Rahimullah Samander, news director, WAKHT News Agency, Kabul, Afghanistan: Afghan officials said they hope a new president will help the democracy. The Pakistani army has visited Afghanistan and has met with the NATO and Afghan chief of army and defense minister. They had three-party talks on these issues. The Afghan media is talking more about whether Pakistan will be stable, whether this coalition between Sharif and Zardari will be extended for a long time.
Rana: Policy in Pakistan after Musharraf will be formed after consulting the parliament. Before it was one man's rule. Musharraf would talk to somebody in the U.S. and follow that. Americans wanted everything to be done from Pakistan, despite having NATO forces and their own troops. Everything had to be filtered down from the Pakistani side of the border. Americans have to be realistic about their own objectives. Now the policies will go through parliament, which Americans may not like. They like them to be followed under the table, like Musharraf was trying to do the past nine years.
Carter: In the hunt for al-Qaida and the growing Taliban insurgency in the FATA region, intelligence agents say they have to go through many people before getting to their targets - an al-Qaida leader, an al-Qaida training camp or an insurgency. They're concerned that they're unable to get there in time because the Inter-Services Intelligence has been infiltrated with sympathizers for al-Qaida and the Taliban. Once it goes through parliament, this will be another heavy burden on the coalition forces and the intelligence agencies, although the Pakistani people feel it is necessary.
Loory: The Pakistani army has been an important force in Pakistan's government. Where does it stand on Musharraf's resignation?
Rana: The Pakistani army distanced itself from Musharraf. The army chief wasn't present at a dinner Musharraf hosted before the independence day, signaling the army wasn't party to it. The prime minister and government officials also didn't entertain the invitation. Thursday's blasts at the arms depot signify there is no future for the army in politics. It doesn't have the time and the energy to back another dictator or another liability it cannot afford.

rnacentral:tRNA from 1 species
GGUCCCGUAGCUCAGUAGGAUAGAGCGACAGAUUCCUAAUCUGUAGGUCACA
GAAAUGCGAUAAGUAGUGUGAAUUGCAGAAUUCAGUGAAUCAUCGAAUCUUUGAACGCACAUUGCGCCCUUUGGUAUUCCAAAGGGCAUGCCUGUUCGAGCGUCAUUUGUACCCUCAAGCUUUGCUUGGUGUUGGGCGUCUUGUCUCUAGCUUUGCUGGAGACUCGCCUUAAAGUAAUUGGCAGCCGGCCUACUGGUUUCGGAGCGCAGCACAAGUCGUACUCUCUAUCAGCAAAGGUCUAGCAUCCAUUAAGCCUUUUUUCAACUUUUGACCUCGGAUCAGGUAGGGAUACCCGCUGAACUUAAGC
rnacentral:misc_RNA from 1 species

Surya Gangadharan, foreign editor, CNN-IBN, New Delhi: There is a sense in India that Gilani's civilian government isn't in control and has given an opportunity for the army and the intelligence services to pursue their own agendas.
Loory: Is there concern in Washington about Pakistan's nuclear weapons?
Carter: The concern regarding the nuclear issue isn't as significant as the concerns about al-Qaida and the Taliban insurgency. Estimates say there are 50 to 100 nuclear weapons in Pakistan, but nobody has the exact number. The new government's stability under Gilani isn't as strong as many people would like it to be. Any concern regarding nuclear weapons would be that people would like to see the prime minister as a stronger figure in Pakistan, in control politically and militarily.
Gangadharan: There is a sense that America's obsession with this war on terror has destabilized Pakistan. This single-minded obsession with terrorists without realizing the delicate situation will only make problems worse.
Carter: There are a lot of lessons to be learned, especially for the Americans. But one also has to remember 9/11 was the first time there was such a large attack on U.S. soil, and the response it generated was great. Now the U.S. is looking at avoiding another attack like that. Intelligence agencies are seeing an extraordinary growth of al-Qaida and various insurgent groups in the FATA region. That's the impetus behind this war on terror and this obsession with squelching it.
Loory: Unfortunately, Pakistan is likely to remain one of those trouble spots throughout the world that cannot recover from instability.
Producers of Global Journalist are Missouri School of Journalism graduate students Jared Gassen, Christopher Hamby, Sananda Sahoo and Catherine Wolf. The transcriber is Pat Kelley.